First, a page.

Art Hub Liwa lets gifted international artists live and work on the cusp of the Empty Quarter

Art Hub Liwa is a desert oasis of inspiration and creativity. Sister property to the Abu Dhabi Art Hub, the first exhibition will open this week.
Mohammed Quraish, a resident artist from Canada working with paper, iron and ink at Art Hub Liwa. Ravindranath K / The National
Mohammed Quraish, a resident artist from Canada working with paper, iron and ink at Art Hub Liwa. Ravindranath K / The National

Underneath the wooden sign that signifies your arrival at Liwa’s newest artistic enterprise, brave steel figures either march up an 80-metre golden sand dune or form a line across its base. One intrepid silver shape seems to have escaped and appears to be sand skiing down the side.

These playful artworks are just a few of the original pieces created on-site by 12 artists who have been living and working here for the past month.

Welcome to the Western Region’s first art centre, Art Hub Liwa, the sister property to Abu Dhabi Art Hub, which opened in 2012 and is now one of the capital’s most popular destinations for artists to visit. Abu Dhabi Art Hub also hosts regularly monthly residencies that incubate artists from a particular country and culminate in an exhibition. Art Hub Liwa aims to do the same thing, only in the middle of the desert.

“Being isolated in this desert can test an artist into how to live a simple and productive life,” says Ahmed Al Yafei, the owner and founder of both Art Hubs. “Liwa gives an artist a unique, elevated experience inspired by the landscape of the desert that they can take with them wherever they go in the world.”

Scheduled to open late last year but delayed until March, the Liwa property is something Al Yafei holds close to his heart.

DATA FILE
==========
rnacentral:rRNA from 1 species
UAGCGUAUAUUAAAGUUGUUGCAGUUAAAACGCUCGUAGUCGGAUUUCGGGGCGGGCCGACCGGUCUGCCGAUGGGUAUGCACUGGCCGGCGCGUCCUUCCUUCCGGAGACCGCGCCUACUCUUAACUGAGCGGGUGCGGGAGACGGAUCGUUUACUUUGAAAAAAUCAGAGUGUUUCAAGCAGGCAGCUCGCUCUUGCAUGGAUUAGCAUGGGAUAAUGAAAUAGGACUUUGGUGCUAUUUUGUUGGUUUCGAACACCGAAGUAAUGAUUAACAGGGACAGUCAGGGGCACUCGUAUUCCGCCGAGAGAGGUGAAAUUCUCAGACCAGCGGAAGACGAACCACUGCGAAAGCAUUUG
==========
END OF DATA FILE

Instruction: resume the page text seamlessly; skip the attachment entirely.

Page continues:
“The desert is a very special environment and one that all our artists love to experience,” he says. “Also, for people living in this country many years ago, they used to come to the desert to escape the heat and humidity in the summer. We are proud to share our heritage with our visitors.”

The first residency in Art Hub Liwa welcomed 12 artists from all over the world as well as a writer, Pamela Thompson, and a yoga instructor.

The artists have lived and worked together for the past five weeks in the 10,000-square-metre compound, located close to the Al Jabana Fort on the edge of the Empty Quarter desert.

They have been working on artworks made from recycled, repurposed and reused materials salvaged from oil and gas industry scrap yards found in the region for an exhibition that opens tonight.

The steel figures that greet visitors on arrival are an integral part of Upcycled Art Festival – Oil and Gas Industry, as is a 10.5 metre-by-12 metre portrait of Sheikh Zayed bin Sultan Al Nahyan, created with sand and glue by the Canadian artist Sylvain Tremblay.

Another artist, Nasser Palangi, has fashioned a life-sized scrap-metal camel featuring an oil barrel as its belly and many of the other artists have used scrap that Art Hub Liwa collected to ease their production.

“This is the first in an annual series of artist residency programmes dedicated to the process of converting waste material and useless products into magnificent visual and functional art,” explains Karen Hart, the Art Hub director. “They are all eco-friendly creations that represent an exceptional coming together of science and art from the functional design of the equipment to the repurposed beauty of the resulting artwork.”

Upcycled opens tonight at 6pm. For those wishing to attend, Art Hub is providing a bus leaving from Abu Dhabi Art Hub at 3pm. To reserve a seat, call 02 551 5005 or email

* With additional reporting by Pamela S Thompson

Published: May 14, 2014 04:00 AM


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